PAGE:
I went to the UK Broadcast Video Expo on the 17th Feb to see a seminar titled ‘Women in TV: 35 up? Huge numbers of women exit the industry at age 35. What can we do to stop the talent drain? To read a report of the event and my thoughts please click on the link below.

 

The seminar space at the expo was packed out with delegates crowding around the sides to listen to the discussion. It was clear from the q&a session that this subject arouses a lot of passion amongst those currently working in or trying to get back in to the industry. Kate O’Conner, Executive Director and Deputy CEO of Skillset kicked off the seminar by explaining the statistics from Skillset’s census of the creative media industries which revealed that a significant number of women had left the TV industry between 2006-2009 and of those that did work in the industry they were in general younger (under 35), more qualified and yet paid less than men. The full Skillset statistics relating to women in the industry can be accessed here.

Lisa Campbell; Editor of Broadcast Magazine and Kate Elliott; Equality Officer at Bectu spoke about other research carried out by both organisations which revealed more of the anecdotal frustrations felt by women working in the TV industry. The main issue centred on the struggle to combine a career in TV with raising a family. One of the key demands from women working in the industry that came out of the research was a call for more flexibility and openness from executives to women working from home, job shares, returning to work after taking a gap to raise a family. Kate Kinninmont from Women in Film and TV gave her personal insight into working in the industry and her own sadness that many of the issues she fought against as a mother working in TV in the 80s were still being felt by women today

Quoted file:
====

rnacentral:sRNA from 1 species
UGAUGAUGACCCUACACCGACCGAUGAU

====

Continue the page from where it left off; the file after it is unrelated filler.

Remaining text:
Questions from the audience included pleas for how to return to the industry after a sustained gap due to raising a family, should women be open about their children when applying for jobs, what training and support is available specifically to women who wish to return to work. There was a positive example of a TV employer who had agreed to flexible working conditions to a female Producer/Director who wished to work from home, however the overall sense from women in the audience was that their needs were not being met by the industry and that there is still no consensus of feeling that an unbalanced creative workforce is a bad thing for all, not just the women who are directly affected. What is encouraging is that key industry bodies like Skillset, Bectu, Pact are starting to take note of and respond to the issue. In addition, stories in the media such as the recent Miriam O’Reilly court case has highlighted some of the gender issues in the industry. Skillset and WFTV have recently launched a mentoring scheme to support women in the industry, further research has been pledged (including this PHD). What I can add at present is that the issue is complex and linked to a number of different historical, cultural, technological and social factors, all of which contribute to what could potentially by a very exciting time of change for women in TV.

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